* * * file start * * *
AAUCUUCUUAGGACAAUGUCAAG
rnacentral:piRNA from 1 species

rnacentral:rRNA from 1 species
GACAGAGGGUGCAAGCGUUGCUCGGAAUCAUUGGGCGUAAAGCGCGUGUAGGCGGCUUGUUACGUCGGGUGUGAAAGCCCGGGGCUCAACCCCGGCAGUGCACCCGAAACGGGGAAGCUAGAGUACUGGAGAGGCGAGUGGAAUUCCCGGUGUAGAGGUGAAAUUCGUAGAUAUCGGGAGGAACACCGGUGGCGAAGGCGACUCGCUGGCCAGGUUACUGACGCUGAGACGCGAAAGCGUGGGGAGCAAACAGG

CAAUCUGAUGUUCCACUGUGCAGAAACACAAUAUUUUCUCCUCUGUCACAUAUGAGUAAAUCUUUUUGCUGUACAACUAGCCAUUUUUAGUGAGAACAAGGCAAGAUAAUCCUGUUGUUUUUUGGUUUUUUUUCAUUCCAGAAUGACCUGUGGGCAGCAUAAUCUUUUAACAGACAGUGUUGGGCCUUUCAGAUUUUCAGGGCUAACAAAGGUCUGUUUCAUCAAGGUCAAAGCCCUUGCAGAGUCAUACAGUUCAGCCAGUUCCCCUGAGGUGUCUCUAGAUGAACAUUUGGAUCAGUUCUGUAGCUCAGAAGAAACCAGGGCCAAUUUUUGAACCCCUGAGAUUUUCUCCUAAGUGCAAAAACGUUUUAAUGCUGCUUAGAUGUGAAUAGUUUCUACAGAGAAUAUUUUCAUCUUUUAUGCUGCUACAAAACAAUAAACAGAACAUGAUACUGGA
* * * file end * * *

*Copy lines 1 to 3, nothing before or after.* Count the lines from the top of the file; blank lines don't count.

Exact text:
AAUCUUCUUAGGACAAUGUCAAG
rnacentral:piRNA from 1 species

rnacentral:rRNA from 1 species